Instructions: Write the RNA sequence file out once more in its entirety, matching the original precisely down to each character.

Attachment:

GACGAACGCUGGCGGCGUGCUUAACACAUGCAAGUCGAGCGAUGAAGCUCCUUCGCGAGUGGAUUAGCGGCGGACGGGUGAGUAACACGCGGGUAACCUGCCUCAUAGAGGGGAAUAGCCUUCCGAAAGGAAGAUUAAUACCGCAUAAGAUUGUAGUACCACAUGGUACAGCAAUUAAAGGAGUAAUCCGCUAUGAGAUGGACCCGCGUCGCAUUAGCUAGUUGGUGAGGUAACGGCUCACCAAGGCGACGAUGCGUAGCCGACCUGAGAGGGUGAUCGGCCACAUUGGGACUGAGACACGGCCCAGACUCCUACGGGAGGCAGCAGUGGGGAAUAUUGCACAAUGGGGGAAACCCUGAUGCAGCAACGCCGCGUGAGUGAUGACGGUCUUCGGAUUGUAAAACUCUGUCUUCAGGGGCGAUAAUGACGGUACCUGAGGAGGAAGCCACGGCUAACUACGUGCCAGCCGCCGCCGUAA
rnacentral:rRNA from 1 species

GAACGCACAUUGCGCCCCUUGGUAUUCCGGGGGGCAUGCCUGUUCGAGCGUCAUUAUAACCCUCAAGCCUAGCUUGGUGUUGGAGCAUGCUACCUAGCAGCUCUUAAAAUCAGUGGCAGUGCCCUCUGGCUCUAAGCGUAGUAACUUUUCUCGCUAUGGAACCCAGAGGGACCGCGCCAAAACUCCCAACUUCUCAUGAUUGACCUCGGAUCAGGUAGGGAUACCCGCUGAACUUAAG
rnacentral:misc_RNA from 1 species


GACGAACGCUGGCGGCGUGCUUAACACAUGCAAGUCGAGCGAUGAAGCUCCUUCGCGAGUGGAUUAGCGGCGGACGGGUGAGUAACACGCGGGUAACCUGCCUCAUAGAGGGGAAUAGCCUUCCGAAAGGAAGAUUAAUACCGCAUAAGAUUGUAGUACCACAUGGUACAGCAAUUAAAGGAGUAAUCCGCUAUGAGAUGGACCCGCGUCGCAUUAGCUAGUUGGUGAGGUAACGGCUCACCAAGGCGACGAUGCGUAGCCGACCUGAGAGGGUGAUCGGCCACAUUGGGACUGAGACACGGCCCAGACUCCUACGGGAGGCAGCAGUGGGGAAUAUUGCACAAUGGGGGAAACCCUGAUGCAGCAACGCCGCGUGAGUGAUGACGGUCUUCGGAUUGUAAAACUCUGUCUUCAGGGGCGAUAAUGACGGUACCUGAGGAGGAAGCCACGGCUAACUACGUGCCAGCCGCCGCCGUAA
rnacentral:rRNA from 1 species

GAACGCACAUUGCGCCCCUUGGUAUUCCGGGGGGCAUGCCUGUUCGAGCGUCAUUAUAACCCUCAAGCCUAGCUUGGUGUUGGAGCAUGCUACCUAGCAGCUCUUAAAAUCAGUGGCAGUGCCCUCUGGCUCUAAGCGUAGUAACUUUUCUCGCUAUGGAACCCAGAGGGACCGCGCCAAAACUCCCAACUUCUCAUGAUUGACCUCGGAUCAGGUAGGGAUACCCGCUGAACUUAAG
rnacentral:misc_RNA from 1 species